IEA: Nuclear generation to double to meet sustainable development goals
Tuesday, Nov 14, 2017
The World Energy Outlook 2017 report, published today by the International Energy Agency, foresees a substantially expanded role for nuclear energy if the world is to meet the challenges of people’s development needs, while reducing greenhouse gas emissions to avoid dangerous levels of climate change.

Agneta Rising, Director General of World Nuclear Association commented, “Nuclear will have an important role supplying clean, reliable electricity that is delivered 24/7, so that people can meet their needs and aspirations without harming the environment.”

The WEO-2017 Sustainable Development Scenario examines what it would take to achieve the main energy-related components of the “2030 Agenda for Sustainable Development” adopted in 2015 by member states of the United Nations. The three energy-related goals are: to achieve universal energy access to modern energy by 2030; to take urgent action to combat climate change; and to dramatically reduce the pollutant emissions that cause poor air quality. The scenario sets out policy priorities needed to achieve these goals, including increased support to low-carbon technologies such as nuclear, RD&D on innovative technologies and support to innovative market designs.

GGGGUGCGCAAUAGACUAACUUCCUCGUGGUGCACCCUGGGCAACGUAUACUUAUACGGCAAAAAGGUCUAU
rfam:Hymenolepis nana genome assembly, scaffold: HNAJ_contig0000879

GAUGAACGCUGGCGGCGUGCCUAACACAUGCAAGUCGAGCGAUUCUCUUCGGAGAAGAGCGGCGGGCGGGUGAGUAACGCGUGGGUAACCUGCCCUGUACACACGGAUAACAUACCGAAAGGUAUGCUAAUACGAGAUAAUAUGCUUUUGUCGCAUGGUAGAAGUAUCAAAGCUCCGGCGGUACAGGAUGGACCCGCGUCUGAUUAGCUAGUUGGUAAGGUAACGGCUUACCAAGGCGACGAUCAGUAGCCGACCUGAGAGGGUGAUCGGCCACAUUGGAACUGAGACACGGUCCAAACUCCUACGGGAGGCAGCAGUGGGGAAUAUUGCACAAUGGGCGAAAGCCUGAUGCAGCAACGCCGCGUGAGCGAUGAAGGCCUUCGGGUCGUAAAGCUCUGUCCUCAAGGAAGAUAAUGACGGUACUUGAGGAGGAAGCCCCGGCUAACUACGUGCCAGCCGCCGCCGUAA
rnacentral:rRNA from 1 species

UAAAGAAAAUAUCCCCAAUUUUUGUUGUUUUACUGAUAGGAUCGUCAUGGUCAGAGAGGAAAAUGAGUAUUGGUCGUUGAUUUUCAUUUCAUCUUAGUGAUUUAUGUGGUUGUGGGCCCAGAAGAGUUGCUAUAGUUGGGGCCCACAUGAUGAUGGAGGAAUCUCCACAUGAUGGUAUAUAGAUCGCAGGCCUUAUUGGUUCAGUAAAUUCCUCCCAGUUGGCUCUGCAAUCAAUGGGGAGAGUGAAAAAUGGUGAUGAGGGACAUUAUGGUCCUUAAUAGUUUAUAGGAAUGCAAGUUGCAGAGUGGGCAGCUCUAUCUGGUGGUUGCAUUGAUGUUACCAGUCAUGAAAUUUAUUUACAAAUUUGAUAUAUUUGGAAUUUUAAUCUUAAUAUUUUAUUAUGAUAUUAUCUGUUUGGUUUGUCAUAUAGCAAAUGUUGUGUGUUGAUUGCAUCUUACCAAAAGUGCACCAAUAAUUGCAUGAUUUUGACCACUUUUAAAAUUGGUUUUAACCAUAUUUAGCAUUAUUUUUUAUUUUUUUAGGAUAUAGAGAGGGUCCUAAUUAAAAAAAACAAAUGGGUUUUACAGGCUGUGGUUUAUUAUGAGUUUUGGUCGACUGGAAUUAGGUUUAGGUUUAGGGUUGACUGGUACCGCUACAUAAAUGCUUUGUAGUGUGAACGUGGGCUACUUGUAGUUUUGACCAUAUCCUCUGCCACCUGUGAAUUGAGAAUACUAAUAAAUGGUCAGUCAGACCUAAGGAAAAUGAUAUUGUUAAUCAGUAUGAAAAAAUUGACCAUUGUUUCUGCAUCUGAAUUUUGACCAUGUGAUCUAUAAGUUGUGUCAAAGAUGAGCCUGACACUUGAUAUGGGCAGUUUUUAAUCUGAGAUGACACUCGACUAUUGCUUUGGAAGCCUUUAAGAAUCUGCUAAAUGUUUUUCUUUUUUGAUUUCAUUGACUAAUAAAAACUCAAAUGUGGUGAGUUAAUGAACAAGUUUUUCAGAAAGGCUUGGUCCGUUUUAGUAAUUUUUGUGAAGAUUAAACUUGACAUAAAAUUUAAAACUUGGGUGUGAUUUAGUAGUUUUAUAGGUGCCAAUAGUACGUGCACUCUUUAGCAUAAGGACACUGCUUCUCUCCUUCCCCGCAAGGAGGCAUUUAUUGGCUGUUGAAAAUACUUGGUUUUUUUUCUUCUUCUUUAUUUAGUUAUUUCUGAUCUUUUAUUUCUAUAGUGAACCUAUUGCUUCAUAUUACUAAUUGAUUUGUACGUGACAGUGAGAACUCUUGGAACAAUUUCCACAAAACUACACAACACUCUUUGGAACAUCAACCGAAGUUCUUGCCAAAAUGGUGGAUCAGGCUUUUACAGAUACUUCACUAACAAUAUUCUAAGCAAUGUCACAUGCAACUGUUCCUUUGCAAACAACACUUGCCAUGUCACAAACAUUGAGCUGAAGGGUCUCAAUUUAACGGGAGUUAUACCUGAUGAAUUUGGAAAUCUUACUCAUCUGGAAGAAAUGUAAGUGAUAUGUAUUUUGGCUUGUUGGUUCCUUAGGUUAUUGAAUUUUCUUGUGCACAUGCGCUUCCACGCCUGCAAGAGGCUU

In the Sustainable Development Scenario nuclear generation more than doubles from 2476 TWh in 2016 to 5345 TWh in 2040. Electricity demand increases from 24,765 TWh in 2016 to 35,981 TWh in 2040, with nuclear energy supplying 15% of that demand.

The global nuclear industry has set the target to supply 25% of the world’s electricity demand by 2050, which would require a tripling of nuclear generation from its current level.

Agneta Rising said, “We have set this goal because the nuclear industry is ready to deliver more as electricity demand could be higher than expected and other low carbon sources might not meet the projections.”

Rising continued, “We agree with the IEA that there would need to be increased support for low carbon sources such as nuclear and innovative market designs if the aims of the Sustainable Development Scenario are to be met. We also agree there needs to be support for RD&D for innovative technologies.  New technologies such as small modular reactors will mean nuclear energy can be used in more remote areas and in a broader range of applications, such as desalination and providing power for electricity vehicles.”

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